Spoiler alert: our view is that you should avoid setting engagement targets, but we've included all the considerations below so you can make an informed decision.
The goals for assessing employee engagement:
- Understand how connected your employees are to the company
- Learn which employee experiences most impact employee engagement
- Identify focus areas for leaders to be able to enhance employee experiences
- Diagnose areas to drive organizational change for creating a better workplace
Regardless of where your organization stands, movement on the drivers most impacting engagement is always possible and is “the right thing to do” for the workforce. When it comes to incentivizing engagement through targets, however, the above goals tend to get confounded for the following reasons...
Statistically speaking, you’ll rarely experience large jumps in engagement scores.
There are exceptions of course, for companies who know they have some fundamental issues or those that are prepared to make big cultural shifts/changes (e.g., companies undergoing a large acquisition). But even in those organizations, there will eventually be a leveling out of scores. In statistics, this is called 'regression to the mean', where a variable that is extreme on its first measurement will tend to be closer to the average on its second—and if it is extreme on its second measurement, it will tend to have been closer to the average on its first. For this reason, it’s rarely a good idea to set incentives or targets for employees based on actual engagement scores.
Teams and levels vary on what they can control/improve.
The critical drivers of engagement can vary by organizational demographics (e.g., business unit, function, region, level). Where some drivers might be within a manager’s purview, others might be specific to the environment, market, leadership team, etc. While actions might be taken on focus areas at all levels, it’s tough to hold individuals accountable for focus areas that reflect experiences beyond the employee group within their span of control.
Engagement targets stifle innovation during the ideation process.
Engagement incentives and targets can make it feel risky for managers to try new ways of acting on that very feedback provided by employees. For example, if I know I have incentive pay hanging on my engagement scores, I'm less willing to consider ‘outside the box’ thinking when it comes to trying new ways of working or my willingness to involve employees in the ideation process for identifying solutions. They make it more about one person's individual performance (i.e., on the target) and less about working as a team to improve work experiences for everyone.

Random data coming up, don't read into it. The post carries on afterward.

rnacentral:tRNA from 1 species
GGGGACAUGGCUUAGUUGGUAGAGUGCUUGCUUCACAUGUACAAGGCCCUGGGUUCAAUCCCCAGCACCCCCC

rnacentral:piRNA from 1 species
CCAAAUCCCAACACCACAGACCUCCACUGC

TIP: Visit our guidelines for building an action framework to address survey feedback as a way to get started in the ideation process.
Incentives can undermine candid employee feedback.
Incentivizing engagement scores undermines the focus of collecting and using employee feedback for future-focused, positive development. Instead, it can lead to employee groups (e.g., teams, departments, locations) and managers feeling inspired or even incentivized to inflate their survey scores to present their group in the most socially desirable light (i.e., to make one's team "look good"). Perhaps more damaging, is that targets can also incentivize a group to view the feedback as a vehicle for making one's group look in need of more organizational attention and resources. In either event, engagement-based incentives do anything BUT promote candid employee feedback for the purpose of organizational, team, and individual betterment and development.
For these reasons, we recommend you focus performance/remuneration decisions on factors more directly tied to performance. Maintain the true intent of the engagement survey to be just about collecting candid employee feedback for how to improve work experiences for everyone.